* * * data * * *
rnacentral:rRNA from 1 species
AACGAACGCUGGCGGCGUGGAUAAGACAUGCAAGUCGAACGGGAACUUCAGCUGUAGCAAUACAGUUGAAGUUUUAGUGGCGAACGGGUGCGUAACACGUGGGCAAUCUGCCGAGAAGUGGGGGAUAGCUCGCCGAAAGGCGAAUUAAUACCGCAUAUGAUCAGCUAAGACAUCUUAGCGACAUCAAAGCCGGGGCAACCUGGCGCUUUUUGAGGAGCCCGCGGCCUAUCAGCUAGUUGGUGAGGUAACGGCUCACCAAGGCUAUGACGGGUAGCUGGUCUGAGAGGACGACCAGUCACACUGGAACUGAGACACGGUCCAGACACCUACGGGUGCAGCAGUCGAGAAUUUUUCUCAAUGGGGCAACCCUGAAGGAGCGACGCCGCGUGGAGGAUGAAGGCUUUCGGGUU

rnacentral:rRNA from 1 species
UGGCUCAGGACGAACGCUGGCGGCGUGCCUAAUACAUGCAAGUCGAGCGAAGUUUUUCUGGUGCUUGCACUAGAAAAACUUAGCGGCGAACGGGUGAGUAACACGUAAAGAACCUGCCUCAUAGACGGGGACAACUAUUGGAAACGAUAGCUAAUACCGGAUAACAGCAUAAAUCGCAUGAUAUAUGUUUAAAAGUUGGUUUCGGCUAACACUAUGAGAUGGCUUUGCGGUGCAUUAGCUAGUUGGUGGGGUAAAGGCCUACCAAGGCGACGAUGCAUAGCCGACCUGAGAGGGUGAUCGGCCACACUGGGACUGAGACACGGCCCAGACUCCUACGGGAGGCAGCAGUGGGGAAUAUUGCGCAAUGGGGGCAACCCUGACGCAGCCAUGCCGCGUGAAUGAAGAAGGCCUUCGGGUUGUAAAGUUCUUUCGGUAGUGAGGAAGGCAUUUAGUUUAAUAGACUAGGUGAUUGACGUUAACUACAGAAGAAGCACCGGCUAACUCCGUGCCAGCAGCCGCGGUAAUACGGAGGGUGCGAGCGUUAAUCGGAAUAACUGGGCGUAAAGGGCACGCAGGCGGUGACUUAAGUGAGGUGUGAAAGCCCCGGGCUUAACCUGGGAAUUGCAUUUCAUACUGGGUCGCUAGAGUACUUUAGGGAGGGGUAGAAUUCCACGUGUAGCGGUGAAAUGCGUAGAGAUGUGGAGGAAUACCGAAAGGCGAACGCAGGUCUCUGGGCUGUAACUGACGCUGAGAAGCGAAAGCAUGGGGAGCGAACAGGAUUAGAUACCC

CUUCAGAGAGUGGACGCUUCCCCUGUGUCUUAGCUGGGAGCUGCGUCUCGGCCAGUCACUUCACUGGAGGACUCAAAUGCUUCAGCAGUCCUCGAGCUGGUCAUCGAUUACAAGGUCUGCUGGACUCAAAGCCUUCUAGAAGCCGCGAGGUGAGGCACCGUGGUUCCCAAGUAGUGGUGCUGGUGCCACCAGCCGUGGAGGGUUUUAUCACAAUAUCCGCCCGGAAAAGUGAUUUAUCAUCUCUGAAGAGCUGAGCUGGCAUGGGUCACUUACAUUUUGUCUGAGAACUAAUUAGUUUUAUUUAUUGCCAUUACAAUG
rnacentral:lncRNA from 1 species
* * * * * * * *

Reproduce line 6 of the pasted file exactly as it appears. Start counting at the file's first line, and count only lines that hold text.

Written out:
rnacentral:lncRNA from 1 species